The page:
On May 22, the Latin American Circle of International Studies (LACIS) announced that experts from the OPCW (Organization for the Prohibition of Chemical Weapons) confirmed the existence of chemical weapons in Panama, left behind by the U. S. armed forces. Washington has refused to comply with the responsibilities imposed by the Chemical Weapons Convention, namely that any country that produced, transported, storaged, used or traded such weapons has the obligation to destroy them in the very country to where they were taken, and dispose of the debris in such a way that they are permanently cleaned and eliminated.The Director General of the OPCW, Ahmet Üzümcü noted in the report of the Technical Secretariat to the Third Conference of the Convention last April: “The destruction of the eight chemical weapons denounced by Panama as abandoned, and verified by the Secretariat in 2002, has not even started yet”. Ambassador José Manuel Terán, permanent representative of Panama in the OPCW, offered more relevant information:
“In the case of Panama… certain States which are part of this Convention… conducted some experiments… forbidden by the Convention… using bombs with chemical components that are still lethal. The destruction of such weapons abandoned in the Island of San Jose has not been solved yet. This represents a potential danger for human and animal life, as well as for the environment; this also limits the touristic development of the island. The Republic of Panama… complying with the responsibilities established in the Convention, will reinstate diplomatic conversations with the US to achieve an agreement. We trust that good faith will prevail to put an end to our differences”.
The Fellowship of Reconciliation (FOR), a well-known organization of the civil society in the U. S., conducted an extensive and documented study on the subject, known for more than ten years now, without any major reaction from any of the parties involved, including the OPCW. Not until recently, and apparently directly motivated by private business interests and touristic developments in the Island of San Jose, the government of Panama has decided to put some pressure on the OPCW and the U. S. authorities.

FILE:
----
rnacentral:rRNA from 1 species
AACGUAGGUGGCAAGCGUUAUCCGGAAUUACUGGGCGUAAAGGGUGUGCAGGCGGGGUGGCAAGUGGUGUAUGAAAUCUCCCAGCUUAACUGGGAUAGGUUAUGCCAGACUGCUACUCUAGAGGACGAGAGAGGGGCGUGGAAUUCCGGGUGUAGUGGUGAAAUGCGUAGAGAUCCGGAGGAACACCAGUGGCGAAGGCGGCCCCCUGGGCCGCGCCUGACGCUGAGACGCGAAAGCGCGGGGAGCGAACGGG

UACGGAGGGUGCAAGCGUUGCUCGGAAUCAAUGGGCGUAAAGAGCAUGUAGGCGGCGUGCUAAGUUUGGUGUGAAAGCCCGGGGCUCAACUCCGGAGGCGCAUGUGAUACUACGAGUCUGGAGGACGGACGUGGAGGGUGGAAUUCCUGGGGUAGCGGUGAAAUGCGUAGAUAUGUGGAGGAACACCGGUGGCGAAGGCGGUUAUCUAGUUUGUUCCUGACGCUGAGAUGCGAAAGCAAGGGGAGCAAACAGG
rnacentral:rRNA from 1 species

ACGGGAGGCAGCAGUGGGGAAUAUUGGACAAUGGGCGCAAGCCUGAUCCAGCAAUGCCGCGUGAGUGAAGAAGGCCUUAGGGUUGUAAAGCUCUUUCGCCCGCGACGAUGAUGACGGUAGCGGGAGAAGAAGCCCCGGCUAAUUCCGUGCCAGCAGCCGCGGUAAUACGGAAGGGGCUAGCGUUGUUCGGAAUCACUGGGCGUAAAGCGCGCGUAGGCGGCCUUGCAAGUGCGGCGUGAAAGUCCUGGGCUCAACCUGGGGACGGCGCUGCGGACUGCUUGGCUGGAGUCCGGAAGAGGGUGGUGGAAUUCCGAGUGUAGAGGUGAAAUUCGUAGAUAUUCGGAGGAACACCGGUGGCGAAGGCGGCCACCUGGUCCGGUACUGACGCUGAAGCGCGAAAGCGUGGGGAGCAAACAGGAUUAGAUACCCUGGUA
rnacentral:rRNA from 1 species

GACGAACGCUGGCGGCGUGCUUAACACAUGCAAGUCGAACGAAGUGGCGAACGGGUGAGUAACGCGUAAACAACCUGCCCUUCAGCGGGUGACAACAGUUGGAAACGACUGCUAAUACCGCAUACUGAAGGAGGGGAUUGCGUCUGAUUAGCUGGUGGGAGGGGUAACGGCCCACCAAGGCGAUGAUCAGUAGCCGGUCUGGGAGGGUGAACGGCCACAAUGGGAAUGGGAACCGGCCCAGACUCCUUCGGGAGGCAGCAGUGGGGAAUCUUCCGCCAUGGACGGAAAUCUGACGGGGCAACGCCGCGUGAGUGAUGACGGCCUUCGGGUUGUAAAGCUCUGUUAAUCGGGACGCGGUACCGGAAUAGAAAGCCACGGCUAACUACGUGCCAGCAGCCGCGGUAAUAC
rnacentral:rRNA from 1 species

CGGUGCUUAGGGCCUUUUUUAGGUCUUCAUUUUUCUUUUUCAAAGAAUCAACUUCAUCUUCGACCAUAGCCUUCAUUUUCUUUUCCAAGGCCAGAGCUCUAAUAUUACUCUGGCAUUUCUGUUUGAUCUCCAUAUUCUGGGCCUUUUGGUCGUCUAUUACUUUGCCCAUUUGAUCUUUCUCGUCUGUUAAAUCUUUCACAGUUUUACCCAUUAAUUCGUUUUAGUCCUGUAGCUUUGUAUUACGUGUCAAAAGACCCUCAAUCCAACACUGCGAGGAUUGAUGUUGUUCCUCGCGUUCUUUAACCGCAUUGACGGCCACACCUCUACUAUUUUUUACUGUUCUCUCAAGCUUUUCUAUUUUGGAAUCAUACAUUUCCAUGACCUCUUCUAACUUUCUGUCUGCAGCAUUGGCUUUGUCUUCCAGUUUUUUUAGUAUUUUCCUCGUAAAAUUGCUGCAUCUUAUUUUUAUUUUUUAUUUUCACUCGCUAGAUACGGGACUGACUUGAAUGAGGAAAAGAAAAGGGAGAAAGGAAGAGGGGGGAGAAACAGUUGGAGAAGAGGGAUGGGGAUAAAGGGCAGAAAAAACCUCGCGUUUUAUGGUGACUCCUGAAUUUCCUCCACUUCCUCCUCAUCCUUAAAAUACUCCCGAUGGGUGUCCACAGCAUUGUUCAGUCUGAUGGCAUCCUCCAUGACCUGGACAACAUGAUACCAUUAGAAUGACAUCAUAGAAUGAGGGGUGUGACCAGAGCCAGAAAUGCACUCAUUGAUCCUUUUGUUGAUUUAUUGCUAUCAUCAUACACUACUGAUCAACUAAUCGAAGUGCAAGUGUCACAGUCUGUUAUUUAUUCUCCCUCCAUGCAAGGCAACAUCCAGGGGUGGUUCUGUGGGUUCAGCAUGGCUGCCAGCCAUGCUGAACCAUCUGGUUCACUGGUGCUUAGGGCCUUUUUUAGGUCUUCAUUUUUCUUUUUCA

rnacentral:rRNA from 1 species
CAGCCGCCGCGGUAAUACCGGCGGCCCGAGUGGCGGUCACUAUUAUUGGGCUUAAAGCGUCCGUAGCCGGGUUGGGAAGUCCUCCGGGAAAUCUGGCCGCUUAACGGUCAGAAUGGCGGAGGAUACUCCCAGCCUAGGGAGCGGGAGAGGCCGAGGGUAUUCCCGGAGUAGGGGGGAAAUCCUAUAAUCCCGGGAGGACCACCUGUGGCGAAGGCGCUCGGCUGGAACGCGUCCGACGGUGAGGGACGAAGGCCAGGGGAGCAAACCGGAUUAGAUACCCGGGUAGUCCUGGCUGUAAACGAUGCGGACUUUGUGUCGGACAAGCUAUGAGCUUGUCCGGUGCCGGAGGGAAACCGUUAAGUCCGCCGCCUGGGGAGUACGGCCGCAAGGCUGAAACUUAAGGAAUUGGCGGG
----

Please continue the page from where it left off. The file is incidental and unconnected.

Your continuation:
The study made by the FOR, reveals that the U. S. developed a chemical weapons program in Panama, at least since 1930 and until 1968. Since 1943 the purpose of the program was to test chemical weapons under tropical conditions. An arsenal of mustard gas by the tons, as well as phosgene (a poisonous gas) was distributed through different locations around the country. Chemical explosive devices unused or not exploded were left behind in Panama, when the U. S. armed forces had to leave the country, in accordance with the Torrijos-Carter Treaties.
Some documents located by the bomb expert Rick Stauber in the U. S. National Archives, when he was working for the military contractor PRC, confirm that the United States dumped chemical weapons in France Field, in what is currently the location of a storage center for general merchandises in the Free Zone of Colón. Mustard gas bombs of about 15 kilos leaking contaminant materials were taken there or thrown into the sea.
The U. S. Army has implicitly recognized that there are other chemical weapons dumps in Panamanian soil, when refused to reveal a document produced in 1993 by the Chemical and Biological Command, listing other dangerous repositories of such weapons outside the United States. If there were no other locations in Panama with such dangerous materials, says John Linday-Poland, FOR’s Regional Coordinator and Latin America specialist, the Pentagon would have specified it so, while declining to deliver such document.
Treasure hunters, natural erosion or the urban development could lead to accidental and dangerous discoveries of those dumps. Panama and the OPCW mention eight chemical weapons abandoned, but available data show that there could be more than three thousand. The Latin American Circle for International Studies will continue to offer and spread more information on the subject.